On This Day Eight Years Ago, Obama Announced He Was Running for President

So far, the campaign for 2016 looks vastly different than the one for 2008.

Then-Sen. Barack Obama attends a town hall meeting on Feb. 10, 2007 at a high school in Cedar Rapids, Iowa, after announcing his bid for president earlier in the day.
National Journal
Marina Koren
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Marina Koren
Feb. 10, 2015, 4:19 a.m.

Time flies when you’re president of the United States.

Well, maybe not. But eight years have now passed since President Obama announced his run for the White House on February 10, 2007. The then-senator from Illinois made his pitch in front of the Old State Capitol in Springfield, Illinois, wearing a long overcoat in the winter cold.

“I recognize there is a certain presumptuousness — a certain audacity — to this announcement,” Obama said then. “I know I haven’t spent a lot of time learning the ways of Washington. But I’ve been there long enough to know that the ways of Washington must change.”

Obama invoked Abraham Lincoln’s “a house divided against itself cannot stand” speech condemning slavery and said he would transform a government characterized by “the failure of leadership” and “the smallness of our politics.” The full text of his speech can be found here.

The New York Times described Obama’s rise in the Democratic Party back then:

Mr. Obama has glided to his position in his party with a demeanor and series of eloquent speeches that have won him comparisons to the Kennedy brothers and put him in a position where his status as a black man with a chance to win the White House is only part of the excitement generated by his candidacy.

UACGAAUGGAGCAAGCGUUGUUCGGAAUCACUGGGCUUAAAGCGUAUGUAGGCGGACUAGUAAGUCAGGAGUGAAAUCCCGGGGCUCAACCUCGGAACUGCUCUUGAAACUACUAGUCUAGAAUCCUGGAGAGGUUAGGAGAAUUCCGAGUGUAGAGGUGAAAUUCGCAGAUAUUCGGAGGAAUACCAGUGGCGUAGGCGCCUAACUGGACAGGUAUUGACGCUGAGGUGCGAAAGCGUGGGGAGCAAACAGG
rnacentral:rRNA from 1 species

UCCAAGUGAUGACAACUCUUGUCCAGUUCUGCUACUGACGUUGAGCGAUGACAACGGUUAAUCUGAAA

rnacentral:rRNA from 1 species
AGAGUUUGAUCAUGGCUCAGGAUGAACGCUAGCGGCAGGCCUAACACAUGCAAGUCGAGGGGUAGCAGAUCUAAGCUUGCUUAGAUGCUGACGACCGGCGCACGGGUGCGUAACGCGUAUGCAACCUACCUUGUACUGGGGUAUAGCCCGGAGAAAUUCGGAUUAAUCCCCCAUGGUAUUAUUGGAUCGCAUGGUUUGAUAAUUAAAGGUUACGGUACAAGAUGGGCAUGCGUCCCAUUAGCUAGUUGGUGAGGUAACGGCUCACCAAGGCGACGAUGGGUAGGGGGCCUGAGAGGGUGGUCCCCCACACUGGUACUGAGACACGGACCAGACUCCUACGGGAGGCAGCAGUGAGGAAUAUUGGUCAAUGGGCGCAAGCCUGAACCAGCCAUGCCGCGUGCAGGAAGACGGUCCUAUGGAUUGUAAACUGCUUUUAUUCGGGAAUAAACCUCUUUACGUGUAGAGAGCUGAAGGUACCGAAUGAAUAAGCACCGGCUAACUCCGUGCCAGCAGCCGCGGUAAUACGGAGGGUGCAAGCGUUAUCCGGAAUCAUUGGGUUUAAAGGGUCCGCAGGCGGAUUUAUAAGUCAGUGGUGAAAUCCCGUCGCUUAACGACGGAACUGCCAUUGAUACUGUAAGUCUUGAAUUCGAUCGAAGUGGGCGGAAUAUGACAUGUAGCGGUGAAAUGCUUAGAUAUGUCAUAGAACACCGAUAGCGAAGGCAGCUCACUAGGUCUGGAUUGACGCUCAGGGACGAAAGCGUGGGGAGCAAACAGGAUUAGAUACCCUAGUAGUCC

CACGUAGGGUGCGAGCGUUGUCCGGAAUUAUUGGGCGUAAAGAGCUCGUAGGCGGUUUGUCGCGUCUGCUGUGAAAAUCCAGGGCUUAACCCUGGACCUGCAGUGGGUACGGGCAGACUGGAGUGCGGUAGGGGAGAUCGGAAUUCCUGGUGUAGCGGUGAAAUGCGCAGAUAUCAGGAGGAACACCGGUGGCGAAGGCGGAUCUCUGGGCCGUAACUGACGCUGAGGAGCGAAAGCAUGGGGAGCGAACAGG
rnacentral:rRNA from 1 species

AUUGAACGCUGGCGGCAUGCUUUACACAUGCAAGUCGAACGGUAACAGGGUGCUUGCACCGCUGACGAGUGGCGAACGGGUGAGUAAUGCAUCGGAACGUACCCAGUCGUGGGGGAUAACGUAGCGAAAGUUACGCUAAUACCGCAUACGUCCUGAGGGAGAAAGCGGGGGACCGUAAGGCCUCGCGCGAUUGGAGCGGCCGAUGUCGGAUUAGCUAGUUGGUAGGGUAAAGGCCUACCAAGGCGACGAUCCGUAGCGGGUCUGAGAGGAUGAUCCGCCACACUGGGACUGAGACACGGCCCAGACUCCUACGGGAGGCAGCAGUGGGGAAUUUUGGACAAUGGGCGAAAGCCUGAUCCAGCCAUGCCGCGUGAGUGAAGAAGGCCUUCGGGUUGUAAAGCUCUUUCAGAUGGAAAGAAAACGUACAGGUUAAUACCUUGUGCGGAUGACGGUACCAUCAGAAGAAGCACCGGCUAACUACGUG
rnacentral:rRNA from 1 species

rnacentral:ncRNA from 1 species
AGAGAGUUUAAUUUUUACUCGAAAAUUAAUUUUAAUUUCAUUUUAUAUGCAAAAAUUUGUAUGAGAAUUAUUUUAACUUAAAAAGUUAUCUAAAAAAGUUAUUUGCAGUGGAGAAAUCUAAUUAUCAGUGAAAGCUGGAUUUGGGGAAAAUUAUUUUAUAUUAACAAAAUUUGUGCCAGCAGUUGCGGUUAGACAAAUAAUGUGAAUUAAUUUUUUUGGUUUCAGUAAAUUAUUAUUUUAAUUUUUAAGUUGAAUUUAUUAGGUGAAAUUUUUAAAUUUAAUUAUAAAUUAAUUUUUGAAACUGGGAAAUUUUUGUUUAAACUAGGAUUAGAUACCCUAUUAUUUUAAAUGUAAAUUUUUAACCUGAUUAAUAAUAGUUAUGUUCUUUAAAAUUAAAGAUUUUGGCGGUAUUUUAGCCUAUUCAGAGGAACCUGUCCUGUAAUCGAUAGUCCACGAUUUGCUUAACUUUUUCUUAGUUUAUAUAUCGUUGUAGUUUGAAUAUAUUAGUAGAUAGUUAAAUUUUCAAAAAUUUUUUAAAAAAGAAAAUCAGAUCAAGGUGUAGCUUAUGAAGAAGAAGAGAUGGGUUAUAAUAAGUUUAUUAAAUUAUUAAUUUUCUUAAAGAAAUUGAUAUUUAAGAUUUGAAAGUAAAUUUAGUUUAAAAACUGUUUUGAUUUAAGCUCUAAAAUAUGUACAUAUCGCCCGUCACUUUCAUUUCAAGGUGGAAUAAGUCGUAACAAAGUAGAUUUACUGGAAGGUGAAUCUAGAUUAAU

The Times also reported that Obama saw Hillary Clinton as his “biggest obstacle” on the campaign trail. John Edwards was also a looming threat. Eight years later, Clinton has yet to announce her all-but-certain candidacy for a 2016 presidential bid. But the former secretary of state is in no rush.

“If you’re someone who has a proven fundraising record, and everyone expects can raise upwards of over $100 million, then who cares when you announce?” Neil Reiff, a campaign finance attorney and former deputy counsel at the Democratic National Committee, told National Journal in November. “Whether she announces on March 30 or January 30, I don’t think those expectations are going to change. For her, at least.”

The Republican field, however, seems like it gets more crowded every week, with presidential hopefuls hinting at campaign points and exploratory committees. But unlike at this time in 2007, we’re still waiting on a big official announcement.

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